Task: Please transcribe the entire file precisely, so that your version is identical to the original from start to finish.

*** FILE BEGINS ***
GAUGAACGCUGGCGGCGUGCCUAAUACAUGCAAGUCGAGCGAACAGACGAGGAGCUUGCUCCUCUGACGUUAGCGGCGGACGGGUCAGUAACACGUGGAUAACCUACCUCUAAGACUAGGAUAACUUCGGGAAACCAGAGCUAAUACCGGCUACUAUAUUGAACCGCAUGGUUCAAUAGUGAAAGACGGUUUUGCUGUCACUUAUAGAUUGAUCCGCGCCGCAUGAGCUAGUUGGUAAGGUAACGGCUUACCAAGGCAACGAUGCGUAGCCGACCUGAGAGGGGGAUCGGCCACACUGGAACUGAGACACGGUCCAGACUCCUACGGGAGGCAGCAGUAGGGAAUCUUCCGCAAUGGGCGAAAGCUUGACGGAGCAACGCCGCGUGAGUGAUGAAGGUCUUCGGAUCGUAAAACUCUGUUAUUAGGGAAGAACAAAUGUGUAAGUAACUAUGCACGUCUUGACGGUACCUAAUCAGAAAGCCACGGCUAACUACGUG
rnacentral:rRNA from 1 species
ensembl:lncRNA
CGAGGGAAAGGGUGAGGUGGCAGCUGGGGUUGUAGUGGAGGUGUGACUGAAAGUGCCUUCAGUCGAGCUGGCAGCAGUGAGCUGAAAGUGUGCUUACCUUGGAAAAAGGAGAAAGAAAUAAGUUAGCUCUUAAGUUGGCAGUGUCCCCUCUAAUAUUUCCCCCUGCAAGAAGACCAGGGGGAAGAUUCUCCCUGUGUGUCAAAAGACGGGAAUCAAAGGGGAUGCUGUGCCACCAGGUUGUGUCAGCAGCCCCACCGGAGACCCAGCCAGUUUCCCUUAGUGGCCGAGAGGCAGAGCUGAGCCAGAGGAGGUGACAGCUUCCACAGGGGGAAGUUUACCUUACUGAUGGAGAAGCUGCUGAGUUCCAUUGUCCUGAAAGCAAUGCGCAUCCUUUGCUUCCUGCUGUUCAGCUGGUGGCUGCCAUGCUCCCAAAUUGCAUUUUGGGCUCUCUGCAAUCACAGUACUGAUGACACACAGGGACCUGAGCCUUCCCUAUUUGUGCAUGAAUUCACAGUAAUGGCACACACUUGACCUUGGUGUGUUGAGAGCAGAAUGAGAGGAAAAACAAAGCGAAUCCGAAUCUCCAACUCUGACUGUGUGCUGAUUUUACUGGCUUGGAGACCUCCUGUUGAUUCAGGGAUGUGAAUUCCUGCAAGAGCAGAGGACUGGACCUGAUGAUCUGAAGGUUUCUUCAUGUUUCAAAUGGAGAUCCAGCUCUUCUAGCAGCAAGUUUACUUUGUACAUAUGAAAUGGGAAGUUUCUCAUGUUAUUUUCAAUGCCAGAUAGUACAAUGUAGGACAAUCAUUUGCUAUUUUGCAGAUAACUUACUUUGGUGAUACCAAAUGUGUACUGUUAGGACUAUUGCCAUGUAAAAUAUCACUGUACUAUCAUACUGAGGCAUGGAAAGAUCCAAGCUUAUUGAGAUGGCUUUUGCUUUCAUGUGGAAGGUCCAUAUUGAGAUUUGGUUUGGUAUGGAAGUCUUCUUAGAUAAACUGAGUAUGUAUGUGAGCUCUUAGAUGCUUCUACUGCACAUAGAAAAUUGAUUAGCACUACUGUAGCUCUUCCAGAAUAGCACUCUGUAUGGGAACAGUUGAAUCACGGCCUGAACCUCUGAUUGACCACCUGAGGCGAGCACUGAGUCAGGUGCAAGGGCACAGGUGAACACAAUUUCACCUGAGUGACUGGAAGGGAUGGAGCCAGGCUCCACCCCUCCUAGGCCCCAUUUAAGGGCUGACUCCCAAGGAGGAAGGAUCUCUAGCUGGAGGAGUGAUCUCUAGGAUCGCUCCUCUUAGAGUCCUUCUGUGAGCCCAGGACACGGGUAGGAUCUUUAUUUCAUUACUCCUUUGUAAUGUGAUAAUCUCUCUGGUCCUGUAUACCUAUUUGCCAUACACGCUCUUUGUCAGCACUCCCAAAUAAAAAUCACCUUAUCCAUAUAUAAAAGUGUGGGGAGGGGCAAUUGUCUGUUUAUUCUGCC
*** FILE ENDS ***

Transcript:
GAUGAACGCUGGCGGCGUGCCUAAUACAUGCAAGUCGAGCGAACAGACGAGGAGCUUGCUCCUCUGACGUUAGCGGCGGACGGGUCAGUAACACGUGGAUAACCUACCUCUAAGACUAGGAUAACUUCGGGAAACCAGAGCUAAUACCGGCUACUAUAUUGAACCGCAUGGUUCAAUAGUGAAAGACGGUUUUGCUGUCACUUAUAGAUUGAUCCGCGCCGCAUGAGCUAGUUGGUAAGGUAACGGCUUACCAAGGCAACGAUGCGUAGCCGACCUGAGAGGGGGAUCGGCCACACUGGAACUGAGACACGGUCCAGACUCCUACGGGAGGCAGCAGUAGGGAAUCUUCCGCAAUGGGCGAAAGCUUGACGGAGCAACGCCGCGUGAGUGAUGAAGGUCUUCGGAUCGUAAAACUCUGUUAUUAGGGAAGAACAAAUGUGUAAGUAACUAUGCACGUCUUGACGGUACCUAAUCAGAAAGCCACGGCUAACUACGUG
rnacentral:rRNA from 1 species
ensembl:lncRNA
CGAGGGAAAGGGUGAGGUGGCAGCUGGGGUUGUAGUGGAGGUGUGACUGAAAGUGCCUUCAGUCGAGCUGGCAGCAGUGAGCUGAAAGUGUGCUUACCUUGGAAAAAGGAGAAAGAAAUAAGUUAGCUCUUAAGUUGGCAGUGUCCCCUCUAAUAUUUCCCCCUGCAAGAAGACCAGGGGGAAGAUUCUCCCUGUGUGUCAAAAGACGGGAAUCAAAGGGGAUGCUGUGCCACCAGGUUGUGUCAGCAGCCCCACCGGAGACCCAGCCAGUUUCCCUUAGUGGCCGAGAGGCAGAGCUGAGCCAGAGGAGGUGACAGCUUCCACAGGGGGAAGUUUACCUUACUGAUGGAGAAGCUGCUGAGUUCCAUUGUCCUGAAAGCAAUGCGCAUCCUUUGCUUCCUGCUGUUCAGCUGGUGGCUGCCAUGCUCCCAAAUUGCAUUUUGGGCUCUCUGCAAUCACAGUACUGAUGACACACAGGGACCUGAGCCUUCCCUAUUUGUGCAUGAAUUCACAGUAAUGGCACACACUUGACCUUGGUGUGUUGAGAGCAGAAUGAGAGGAAAAACAAAGCGAAUCCGAAUCUCCAACUCUGACUGUGUGCUGAUUUUACUGGCUUGGAGACCUCCUGUUGAUUCAGGGAUGUGAAUUCCUGCAAGAGCAGAGGACUGGACCUGAUGAUCUGAAGGUUUCUUCAUGUUUCAAAUGGAGAUCCAGCUCUUCUAGCAGCAAGUUUACUUUGUACAUAUGAAAUGGGAAGUUUCUCAUGUUAUUUUCAAUGCCAGAUAGUACAAUGUAGGACAAUCAUUUGCUAUUUUGCAGAUAACUUACUUUGGUGAUACCAAAUGUGUACUGUUAGGACUAUUGCCAUGUAAAAUAUCACUGUACUAUCAUACUGAGGCAUGGAAAGAUCCAAGCUUAUUGAGAUGGCUUUUGCUUUCAUGUGGAAGGUCCAUAUUGAGAUUUGGUUUGGUAUGGAAGUCUUCUUAGAUAAACUGAGUAUGUAUGUGAGCUCUUAGAUGCUUCUACUGCACAUAGAAAAUUGAUUAGCACUACUGUAGCUCUUCCAGAAUAGCACUCUGUAUGGGAACAGUUGAAUCACGGCCUGAACCUCUGAUUGACCACCUGAGGCGAGCACUGAGUCAGGUGCAAGGGCACAGGUGAACACAAUUUCACCUGAGUGACUGGAAGGGAUGGAGCCAGGCUCCACCCCUCCUAGGCCCCAUUUAAGGGCUGACUCCCAAGGAGGAAGGAUCUCUAGCUGGAGGAGUGAUCUCUAGGAUCGCUCCUCUUAGAGUCCUUCUGUGAGCCCAGGACACGGGUAGGAUCUUUAUUUCAUUACUCCUUUGUAAUGUGAUAAUCUCUCUGGUCCUGUAUACCUAUUUGCCAUACACGCUCUUUGUCAGCACUCCCAAAUAAAAAUCACCUUAUCCAUAUAUAAAAGUGUGGGGAGGGGCAAUUGUCUGUUUAUUCUGCC